ELIZABETH NICE , charwoman, 17, Lamb Street. About 8.30 p.m. on July 15 I was turning a corner in Trafalgar Road, Greenwich, when prisoner, who was a stranger to me, came across the road, and, addressing me by name, asked me to have a drink. I went and had two glasses of ale with him, coming out at about nine. I left him outside and went to do my shopping. I had reached four turnings before the new police station when prisoner, who I did not know had been following me, struck me twice on the head and knocked me down. He snatched my purse out of my hand and ran away. I ran after him. He stopped where the lights of the shops were. I never lost sight of him. I gave him into custody. I had a half-crown and a shilling in my purse. My eye had to be stitched up.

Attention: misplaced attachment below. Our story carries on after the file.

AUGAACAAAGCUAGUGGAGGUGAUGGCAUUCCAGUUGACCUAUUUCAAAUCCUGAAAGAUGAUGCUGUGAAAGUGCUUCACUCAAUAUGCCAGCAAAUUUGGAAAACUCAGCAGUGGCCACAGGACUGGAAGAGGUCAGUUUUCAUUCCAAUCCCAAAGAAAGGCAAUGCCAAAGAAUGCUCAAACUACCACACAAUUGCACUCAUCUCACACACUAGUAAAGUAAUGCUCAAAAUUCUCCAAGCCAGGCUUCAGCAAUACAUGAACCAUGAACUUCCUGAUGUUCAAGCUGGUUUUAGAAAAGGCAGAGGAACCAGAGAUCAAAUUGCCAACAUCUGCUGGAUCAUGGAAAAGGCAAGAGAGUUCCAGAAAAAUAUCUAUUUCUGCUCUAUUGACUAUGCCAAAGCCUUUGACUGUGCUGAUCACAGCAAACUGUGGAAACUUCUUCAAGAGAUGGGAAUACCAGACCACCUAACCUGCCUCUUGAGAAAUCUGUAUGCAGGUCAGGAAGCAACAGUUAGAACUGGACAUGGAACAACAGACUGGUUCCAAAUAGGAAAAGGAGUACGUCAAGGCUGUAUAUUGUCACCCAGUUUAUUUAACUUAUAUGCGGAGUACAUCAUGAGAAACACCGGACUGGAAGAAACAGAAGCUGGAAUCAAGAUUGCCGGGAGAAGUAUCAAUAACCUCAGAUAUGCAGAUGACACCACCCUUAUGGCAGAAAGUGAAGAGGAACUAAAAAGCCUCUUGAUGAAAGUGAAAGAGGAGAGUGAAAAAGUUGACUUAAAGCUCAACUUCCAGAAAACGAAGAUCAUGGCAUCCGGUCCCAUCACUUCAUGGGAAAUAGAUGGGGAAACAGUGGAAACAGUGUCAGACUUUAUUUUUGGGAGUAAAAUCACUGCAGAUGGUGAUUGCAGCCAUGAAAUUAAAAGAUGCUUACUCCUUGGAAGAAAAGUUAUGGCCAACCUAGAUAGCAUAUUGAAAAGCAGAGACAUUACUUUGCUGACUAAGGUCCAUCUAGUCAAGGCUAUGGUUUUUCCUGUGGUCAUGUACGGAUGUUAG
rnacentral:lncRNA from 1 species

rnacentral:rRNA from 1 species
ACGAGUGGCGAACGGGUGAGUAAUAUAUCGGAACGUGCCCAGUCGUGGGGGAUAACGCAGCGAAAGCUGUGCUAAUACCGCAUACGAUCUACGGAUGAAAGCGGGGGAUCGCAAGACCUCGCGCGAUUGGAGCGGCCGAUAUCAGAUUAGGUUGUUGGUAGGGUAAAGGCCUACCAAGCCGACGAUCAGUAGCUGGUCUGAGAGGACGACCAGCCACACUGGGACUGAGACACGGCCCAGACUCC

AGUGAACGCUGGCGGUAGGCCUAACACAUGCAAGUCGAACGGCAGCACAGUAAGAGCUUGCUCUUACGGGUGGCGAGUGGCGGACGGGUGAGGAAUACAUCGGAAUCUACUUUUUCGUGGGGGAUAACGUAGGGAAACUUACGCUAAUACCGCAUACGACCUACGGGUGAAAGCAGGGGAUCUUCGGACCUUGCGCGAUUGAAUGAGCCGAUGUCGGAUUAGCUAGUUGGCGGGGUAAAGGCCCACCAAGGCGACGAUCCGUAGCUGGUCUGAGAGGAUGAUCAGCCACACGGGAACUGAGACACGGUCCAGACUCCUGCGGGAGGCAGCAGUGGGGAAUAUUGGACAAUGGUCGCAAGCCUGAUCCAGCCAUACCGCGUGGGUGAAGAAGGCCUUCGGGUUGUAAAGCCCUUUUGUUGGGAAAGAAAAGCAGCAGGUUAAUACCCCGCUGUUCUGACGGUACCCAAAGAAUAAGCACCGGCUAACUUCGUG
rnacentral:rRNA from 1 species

Cross-examined by prisoner. I was going by Greenwich College when you spoke to me and we went into the public-house down by a side turning. I was alone with you all the time. I only had two glasses.